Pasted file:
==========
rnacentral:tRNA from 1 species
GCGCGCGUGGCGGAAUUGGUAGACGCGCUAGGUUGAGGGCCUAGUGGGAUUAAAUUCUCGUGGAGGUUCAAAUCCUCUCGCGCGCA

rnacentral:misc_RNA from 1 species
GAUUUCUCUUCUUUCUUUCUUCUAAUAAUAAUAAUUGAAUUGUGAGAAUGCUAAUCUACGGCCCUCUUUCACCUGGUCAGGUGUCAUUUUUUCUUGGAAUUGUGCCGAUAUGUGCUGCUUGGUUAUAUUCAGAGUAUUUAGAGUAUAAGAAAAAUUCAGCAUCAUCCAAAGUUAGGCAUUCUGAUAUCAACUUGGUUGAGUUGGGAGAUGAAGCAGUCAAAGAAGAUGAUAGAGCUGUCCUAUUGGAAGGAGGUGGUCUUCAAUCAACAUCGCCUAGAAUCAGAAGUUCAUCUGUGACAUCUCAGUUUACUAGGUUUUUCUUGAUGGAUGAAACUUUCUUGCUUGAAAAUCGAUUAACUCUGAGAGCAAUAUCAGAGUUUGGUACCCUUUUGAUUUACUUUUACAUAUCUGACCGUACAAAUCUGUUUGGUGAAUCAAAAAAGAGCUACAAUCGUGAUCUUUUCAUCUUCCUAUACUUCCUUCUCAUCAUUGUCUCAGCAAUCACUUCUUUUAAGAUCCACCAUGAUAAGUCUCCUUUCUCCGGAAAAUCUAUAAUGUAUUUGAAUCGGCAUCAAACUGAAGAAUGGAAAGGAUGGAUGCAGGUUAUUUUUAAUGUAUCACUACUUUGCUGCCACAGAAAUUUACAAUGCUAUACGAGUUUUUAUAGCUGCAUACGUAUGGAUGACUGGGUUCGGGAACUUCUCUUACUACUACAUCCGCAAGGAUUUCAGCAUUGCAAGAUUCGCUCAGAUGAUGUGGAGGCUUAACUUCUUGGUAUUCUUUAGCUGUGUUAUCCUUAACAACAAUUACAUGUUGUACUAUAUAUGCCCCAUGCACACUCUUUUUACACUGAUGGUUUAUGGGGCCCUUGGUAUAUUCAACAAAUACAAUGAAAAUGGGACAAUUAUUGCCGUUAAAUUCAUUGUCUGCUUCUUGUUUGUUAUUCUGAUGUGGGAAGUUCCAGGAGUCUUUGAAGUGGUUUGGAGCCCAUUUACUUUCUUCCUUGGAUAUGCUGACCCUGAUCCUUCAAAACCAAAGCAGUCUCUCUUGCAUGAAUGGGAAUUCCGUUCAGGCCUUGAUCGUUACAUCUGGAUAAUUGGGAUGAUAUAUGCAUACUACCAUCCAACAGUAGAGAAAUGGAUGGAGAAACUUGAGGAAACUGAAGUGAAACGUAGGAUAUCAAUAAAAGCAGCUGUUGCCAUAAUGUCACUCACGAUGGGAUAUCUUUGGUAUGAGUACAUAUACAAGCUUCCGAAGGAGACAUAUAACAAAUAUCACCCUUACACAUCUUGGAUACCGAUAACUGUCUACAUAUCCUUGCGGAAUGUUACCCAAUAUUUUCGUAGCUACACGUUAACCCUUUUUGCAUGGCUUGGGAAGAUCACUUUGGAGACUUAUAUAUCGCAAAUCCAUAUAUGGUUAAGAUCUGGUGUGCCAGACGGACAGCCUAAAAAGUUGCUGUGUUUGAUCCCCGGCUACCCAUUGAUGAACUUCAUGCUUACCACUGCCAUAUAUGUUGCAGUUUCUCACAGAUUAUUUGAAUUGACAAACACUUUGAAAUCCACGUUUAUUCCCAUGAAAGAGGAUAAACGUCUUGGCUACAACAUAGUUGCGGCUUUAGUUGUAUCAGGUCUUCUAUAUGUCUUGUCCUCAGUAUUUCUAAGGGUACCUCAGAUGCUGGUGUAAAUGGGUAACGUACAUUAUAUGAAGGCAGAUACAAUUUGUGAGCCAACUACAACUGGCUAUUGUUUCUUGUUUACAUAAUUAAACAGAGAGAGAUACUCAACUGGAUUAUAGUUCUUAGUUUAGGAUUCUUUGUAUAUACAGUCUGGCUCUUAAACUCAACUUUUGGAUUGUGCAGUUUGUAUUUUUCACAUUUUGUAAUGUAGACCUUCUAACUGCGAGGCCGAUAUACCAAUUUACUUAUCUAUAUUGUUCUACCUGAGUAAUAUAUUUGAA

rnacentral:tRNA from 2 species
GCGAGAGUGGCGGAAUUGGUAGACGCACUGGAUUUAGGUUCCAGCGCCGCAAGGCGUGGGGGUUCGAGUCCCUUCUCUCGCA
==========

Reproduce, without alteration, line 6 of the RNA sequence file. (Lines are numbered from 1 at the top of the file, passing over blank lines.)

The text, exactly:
GCGAGAGUGGCGGAAUUGGUAGACGCACUGGAUUUAGGUUCCAGCGCCGCAAGGCGUGGGGGUUCGAGUCCCUUCUCUCGCA